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·  Formation of Himalayas
·  Visual Evidences
Scientific Methods

The Himalayas - where earth meets sky

Global Positioning System
Scientists can measure the movement of plates and the rise of the Himalayas through a modern system called Global Positioning System (GPS). This technique has been used by planes and ships for a long time to determine their position accurately. Recent advancements in the system has improved its accuracy tremendously and the GPS is a tremendous navigational aid.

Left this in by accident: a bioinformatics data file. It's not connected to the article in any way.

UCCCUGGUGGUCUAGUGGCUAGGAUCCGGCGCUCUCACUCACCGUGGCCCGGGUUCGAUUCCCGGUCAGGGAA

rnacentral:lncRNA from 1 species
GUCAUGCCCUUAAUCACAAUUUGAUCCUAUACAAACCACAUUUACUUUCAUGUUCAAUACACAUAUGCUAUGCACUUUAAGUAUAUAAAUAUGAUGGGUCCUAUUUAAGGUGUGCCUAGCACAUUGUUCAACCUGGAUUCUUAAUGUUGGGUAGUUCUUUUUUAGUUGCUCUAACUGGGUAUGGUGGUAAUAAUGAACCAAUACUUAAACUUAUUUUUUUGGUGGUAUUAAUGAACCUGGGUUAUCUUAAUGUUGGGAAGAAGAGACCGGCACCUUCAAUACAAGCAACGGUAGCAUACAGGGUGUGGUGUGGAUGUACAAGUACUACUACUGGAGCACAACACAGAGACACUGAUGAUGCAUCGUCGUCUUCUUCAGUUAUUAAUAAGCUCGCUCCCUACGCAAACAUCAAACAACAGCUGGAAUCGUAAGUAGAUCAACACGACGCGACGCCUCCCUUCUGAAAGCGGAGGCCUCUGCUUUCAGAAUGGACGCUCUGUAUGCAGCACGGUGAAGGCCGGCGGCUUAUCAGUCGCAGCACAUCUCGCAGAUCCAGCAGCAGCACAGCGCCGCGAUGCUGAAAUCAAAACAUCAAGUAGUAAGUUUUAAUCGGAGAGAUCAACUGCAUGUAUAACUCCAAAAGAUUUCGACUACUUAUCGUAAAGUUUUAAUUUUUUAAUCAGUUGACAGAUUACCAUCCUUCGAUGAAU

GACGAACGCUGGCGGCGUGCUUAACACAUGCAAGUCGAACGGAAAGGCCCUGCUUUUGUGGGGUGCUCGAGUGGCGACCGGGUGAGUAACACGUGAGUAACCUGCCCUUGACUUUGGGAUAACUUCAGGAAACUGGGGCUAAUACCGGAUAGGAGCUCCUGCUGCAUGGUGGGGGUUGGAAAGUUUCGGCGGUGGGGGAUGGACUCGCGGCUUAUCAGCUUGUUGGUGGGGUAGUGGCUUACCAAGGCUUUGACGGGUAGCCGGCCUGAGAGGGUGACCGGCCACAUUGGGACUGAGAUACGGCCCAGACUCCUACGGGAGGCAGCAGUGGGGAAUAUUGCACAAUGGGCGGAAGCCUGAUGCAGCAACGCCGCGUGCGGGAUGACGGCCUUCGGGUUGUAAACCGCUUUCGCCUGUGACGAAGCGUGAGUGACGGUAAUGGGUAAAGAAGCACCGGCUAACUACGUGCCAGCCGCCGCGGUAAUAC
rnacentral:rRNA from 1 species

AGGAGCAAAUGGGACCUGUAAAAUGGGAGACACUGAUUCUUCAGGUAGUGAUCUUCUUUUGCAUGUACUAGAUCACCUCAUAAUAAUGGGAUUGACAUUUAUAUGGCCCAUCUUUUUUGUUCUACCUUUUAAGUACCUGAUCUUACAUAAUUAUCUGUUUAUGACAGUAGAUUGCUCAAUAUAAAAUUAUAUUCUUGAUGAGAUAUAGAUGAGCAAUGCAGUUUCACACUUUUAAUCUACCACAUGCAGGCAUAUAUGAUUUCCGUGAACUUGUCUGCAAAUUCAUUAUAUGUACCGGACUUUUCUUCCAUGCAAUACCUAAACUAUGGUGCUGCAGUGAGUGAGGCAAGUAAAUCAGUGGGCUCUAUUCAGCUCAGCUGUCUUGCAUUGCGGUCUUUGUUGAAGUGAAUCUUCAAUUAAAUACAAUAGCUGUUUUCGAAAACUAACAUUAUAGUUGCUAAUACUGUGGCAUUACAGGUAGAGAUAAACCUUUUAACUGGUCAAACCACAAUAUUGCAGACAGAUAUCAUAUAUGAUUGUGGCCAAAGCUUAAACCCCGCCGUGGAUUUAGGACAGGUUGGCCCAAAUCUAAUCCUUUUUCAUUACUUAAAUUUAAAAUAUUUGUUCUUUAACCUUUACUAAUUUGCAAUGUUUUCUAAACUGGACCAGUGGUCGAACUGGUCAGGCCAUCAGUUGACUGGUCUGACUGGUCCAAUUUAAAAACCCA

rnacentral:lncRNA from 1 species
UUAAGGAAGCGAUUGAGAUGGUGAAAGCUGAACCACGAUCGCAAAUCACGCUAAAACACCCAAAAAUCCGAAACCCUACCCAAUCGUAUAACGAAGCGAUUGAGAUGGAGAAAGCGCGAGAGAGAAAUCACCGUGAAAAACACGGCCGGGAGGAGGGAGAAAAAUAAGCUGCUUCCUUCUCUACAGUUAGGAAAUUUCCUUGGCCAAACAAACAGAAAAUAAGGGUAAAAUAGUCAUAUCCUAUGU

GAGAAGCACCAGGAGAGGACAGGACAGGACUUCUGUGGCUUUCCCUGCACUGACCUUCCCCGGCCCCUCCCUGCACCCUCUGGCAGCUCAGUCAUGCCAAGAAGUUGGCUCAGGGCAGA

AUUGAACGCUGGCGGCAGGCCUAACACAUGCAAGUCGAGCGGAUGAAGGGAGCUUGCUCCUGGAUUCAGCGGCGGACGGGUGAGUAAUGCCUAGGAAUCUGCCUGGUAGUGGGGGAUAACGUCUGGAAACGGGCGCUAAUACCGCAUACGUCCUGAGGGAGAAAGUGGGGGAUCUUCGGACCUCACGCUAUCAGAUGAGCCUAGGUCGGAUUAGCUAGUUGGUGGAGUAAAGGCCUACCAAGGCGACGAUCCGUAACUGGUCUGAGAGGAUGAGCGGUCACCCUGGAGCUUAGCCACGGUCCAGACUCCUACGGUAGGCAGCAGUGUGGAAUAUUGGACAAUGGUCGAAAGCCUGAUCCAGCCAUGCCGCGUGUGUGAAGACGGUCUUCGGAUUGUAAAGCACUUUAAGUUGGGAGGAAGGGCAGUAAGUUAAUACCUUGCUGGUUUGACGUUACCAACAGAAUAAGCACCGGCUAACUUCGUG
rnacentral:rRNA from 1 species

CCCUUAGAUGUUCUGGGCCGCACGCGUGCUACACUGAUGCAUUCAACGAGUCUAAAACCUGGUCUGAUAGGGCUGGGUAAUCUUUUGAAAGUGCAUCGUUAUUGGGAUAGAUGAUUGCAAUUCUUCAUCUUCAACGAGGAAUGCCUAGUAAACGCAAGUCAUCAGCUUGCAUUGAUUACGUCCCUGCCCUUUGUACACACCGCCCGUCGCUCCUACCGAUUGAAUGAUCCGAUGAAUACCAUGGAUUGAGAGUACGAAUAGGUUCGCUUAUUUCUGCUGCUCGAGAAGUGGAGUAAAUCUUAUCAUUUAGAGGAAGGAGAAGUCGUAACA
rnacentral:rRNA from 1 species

To achieve their objective, the scientists first set up several survey points at different places in the Himalayan region. They place a GPS receiver at each survey point which records its position from several satellites circling the earth above it. Measurements are taken continuously each time the satellites pass over the survey points. The survey points are linked by radio telemetry and e-mail to the headquarters. The scientists have used the data thus collected and have measured the relative motion of the points with an accuracy of 3 mm.

Using this technique, the scientists have been able to find that the Indian plate is moving northward at the rate of 18 mm a year and that the Himalayas are rising at about 5 mm a year.

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